Capital Gains Tax (CGT) Leaving The UK and Non-Residents


Simon Misiewicz

18th May 2017

By Louise Misiewicz

Are you thinking of disposing of any properties?

Are you thinking of leaving the UK?

I have written extensively about Capital Gains Tax (CGT) and tax planning in previous articles.

However, the government made a change in 2016 to the extent that CGT is calculated differently for those leaving the UK. The government have put in place a new piece of legislation that requires CGT to be paid after 5th April 2015 for all non-UK residents. My team of property tax specialists can also advise you further on this.

This was put in place to prevent non-UK residents having the ability to avoid CGT, in contrast to UK residents that have to pay tax. However, this also means that people who previously lived in the UK would also pay CGT if they have left the country.

Non-resident gains or losses may arise if you dispose of a UK residential property and as such may need to report any CGT due. This may be done using the government online form. You would use this return if you have disposed of the whole or part of an interest in a UK residential property in the years 6th April 2015 to 5th April 2016, 6th April 2016 to 5th April 2017 or 6th April 2017 to 5th April 2018 when either non-resident or UK resident but the disposal was in the overseas part of a split year.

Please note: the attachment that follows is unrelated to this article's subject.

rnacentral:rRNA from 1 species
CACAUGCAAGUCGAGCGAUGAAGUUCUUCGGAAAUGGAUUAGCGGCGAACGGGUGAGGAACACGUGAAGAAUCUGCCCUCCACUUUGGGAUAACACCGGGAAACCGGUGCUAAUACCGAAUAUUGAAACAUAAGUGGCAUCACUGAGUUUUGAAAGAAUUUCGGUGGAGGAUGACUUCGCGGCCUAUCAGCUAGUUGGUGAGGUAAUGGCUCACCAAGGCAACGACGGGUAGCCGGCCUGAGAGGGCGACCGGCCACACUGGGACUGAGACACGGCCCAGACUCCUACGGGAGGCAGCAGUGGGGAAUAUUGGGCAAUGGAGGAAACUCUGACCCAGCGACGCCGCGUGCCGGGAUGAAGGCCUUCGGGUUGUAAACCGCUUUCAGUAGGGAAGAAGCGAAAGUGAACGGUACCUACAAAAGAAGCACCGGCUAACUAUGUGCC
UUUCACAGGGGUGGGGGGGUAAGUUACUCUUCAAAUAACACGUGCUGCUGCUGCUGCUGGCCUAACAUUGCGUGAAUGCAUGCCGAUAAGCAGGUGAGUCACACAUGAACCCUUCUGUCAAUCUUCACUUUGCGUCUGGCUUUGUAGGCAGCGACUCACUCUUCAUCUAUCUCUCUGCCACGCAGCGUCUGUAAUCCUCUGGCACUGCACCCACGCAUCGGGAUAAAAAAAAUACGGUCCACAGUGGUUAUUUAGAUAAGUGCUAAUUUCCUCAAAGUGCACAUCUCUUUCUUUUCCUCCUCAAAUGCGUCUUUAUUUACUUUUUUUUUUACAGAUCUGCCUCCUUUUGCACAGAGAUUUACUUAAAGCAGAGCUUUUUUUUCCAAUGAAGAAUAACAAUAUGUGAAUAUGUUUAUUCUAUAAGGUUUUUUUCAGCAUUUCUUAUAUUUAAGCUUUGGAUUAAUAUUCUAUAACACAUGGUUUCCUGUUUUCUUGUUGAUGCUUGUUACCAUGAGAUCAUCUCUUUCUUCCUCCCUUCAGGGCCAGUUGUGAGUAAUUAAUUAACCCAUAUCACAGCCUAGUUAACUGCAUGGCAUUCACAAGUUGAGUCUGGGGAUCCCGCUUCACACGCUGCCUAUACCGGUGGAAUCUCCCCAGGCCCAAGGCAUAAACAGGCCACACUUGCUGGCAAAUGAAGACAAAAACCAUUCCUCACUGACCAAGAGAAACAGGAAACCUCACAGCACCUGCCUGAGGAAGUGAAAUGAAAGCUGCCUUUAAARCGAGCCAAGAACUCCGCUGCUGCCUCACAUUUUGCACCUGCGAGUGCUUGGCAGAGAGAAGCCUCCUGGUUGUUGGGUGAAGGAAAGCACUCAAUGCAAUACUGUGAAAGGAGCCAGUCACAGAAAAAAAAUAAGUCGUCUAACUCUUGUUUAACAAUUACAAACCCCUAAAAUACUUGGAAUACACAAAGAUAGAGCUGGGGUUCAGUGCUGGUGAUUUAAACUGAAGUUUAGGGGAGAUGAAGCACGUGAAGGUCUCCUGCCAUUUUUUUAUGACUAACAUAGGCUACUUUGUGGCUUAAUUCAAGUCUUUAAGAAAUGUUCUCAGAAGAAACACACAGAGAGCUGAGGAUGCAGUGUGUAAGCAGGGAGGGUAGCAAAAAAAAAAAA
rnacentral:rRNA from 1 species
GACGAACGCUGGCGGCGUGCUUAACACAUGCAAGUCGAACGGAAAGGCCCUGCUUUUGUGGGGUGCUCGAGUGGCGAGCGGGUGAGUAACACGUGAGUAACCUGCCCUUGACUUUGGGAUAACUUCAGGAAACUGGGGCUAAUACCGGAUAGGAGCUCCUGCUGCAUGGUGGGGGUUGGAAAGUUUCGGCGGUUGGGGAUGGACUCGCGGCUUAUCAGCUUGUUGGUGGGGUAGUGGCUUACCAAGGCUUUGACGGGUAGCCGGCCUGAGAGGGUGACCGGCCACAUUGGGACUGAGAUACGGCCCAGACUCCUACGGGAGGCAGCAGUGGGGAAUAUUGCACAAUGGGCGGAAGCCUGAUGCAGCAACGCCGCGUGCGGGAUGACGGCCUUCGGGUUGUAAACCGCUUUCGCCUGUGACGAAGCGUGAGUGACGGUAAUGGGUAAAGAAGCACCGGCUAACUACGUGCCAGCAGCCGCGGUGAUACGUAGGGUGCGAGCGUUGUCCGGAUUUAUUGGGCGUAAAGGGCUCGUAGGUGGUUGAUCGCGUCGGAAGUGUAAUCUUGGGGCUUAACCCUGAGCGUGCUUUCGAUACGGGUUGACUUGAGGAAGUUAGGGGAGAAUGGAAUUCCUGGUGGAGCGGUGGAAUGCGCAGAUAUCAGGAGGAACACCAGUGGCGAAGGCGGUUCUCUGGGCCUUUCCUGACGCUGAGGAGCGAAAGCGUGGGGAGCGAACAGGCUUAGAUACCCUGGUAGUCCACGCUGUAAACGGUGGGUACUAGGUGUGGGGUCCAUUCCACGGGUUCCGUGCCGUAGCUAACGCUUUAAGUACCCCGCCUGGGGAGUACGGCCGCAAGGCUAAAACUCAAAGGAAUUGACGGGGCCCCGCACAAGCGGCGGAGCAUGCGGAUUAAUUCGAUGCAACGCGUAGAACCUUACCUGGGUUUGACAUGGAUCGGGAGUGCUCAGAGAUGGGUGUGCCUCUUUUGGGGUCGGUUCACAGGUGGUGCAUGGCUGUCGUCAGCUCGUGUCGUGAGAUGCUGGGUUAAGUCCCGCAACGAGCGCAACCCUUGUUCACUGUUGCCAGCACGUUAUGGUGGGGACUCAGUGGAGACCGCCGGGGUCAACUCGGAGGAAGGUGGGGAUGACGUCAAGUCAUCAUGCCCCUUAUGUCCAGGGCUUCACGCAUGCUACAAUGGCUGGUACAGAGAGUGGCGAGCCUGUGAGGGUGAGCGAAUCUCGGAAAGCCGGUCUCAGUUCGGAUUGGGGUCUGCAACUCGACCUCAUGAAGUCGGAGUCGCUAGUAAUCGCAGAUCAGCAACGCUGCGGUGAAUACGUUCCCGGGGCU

However, you do not need to complete the form if you have previously completed a self-assessment in previous tax years. I wrote a useful article here on here to offset property losses to offset income tax liability which is also worth reviewing when looking at overall tax liabilities in 2017.

Calculating CGT for non-UK residents

There are different methods of calculating CGT for non-residents, including:

  • Market value as at 5th April 2015
  • Value at sale
  • Value spread evenly from the point of sale and point of purchase (straight line method). For example, you would have owned the property for 60 months (five years) if you purchased the property in January 2011 for £200,000 and sold the property at Decembermebr 2015.

You can also work out how much tax you need to pay by using the HMRC’s online calculator.

Filing CGT returns within 30 days

As a result of the legislation changes, non-UK residents will have to inform HMRC within 30 days that they have sold a property so that the CGT calculation can be performed and then paid.

I have written a useful article here on selling properties as a one-off and CGT implications. There’s also relevant details here on changes introduced around Private Residence Relief for non-UK residents.

The series of articles here on selling properties, CGT, transferring properties, and tax planning will assist property landlords in navigating around the issues raised.

My team of property tax experts are on hand to best advise you on how to understand CTG.

How to engage with us

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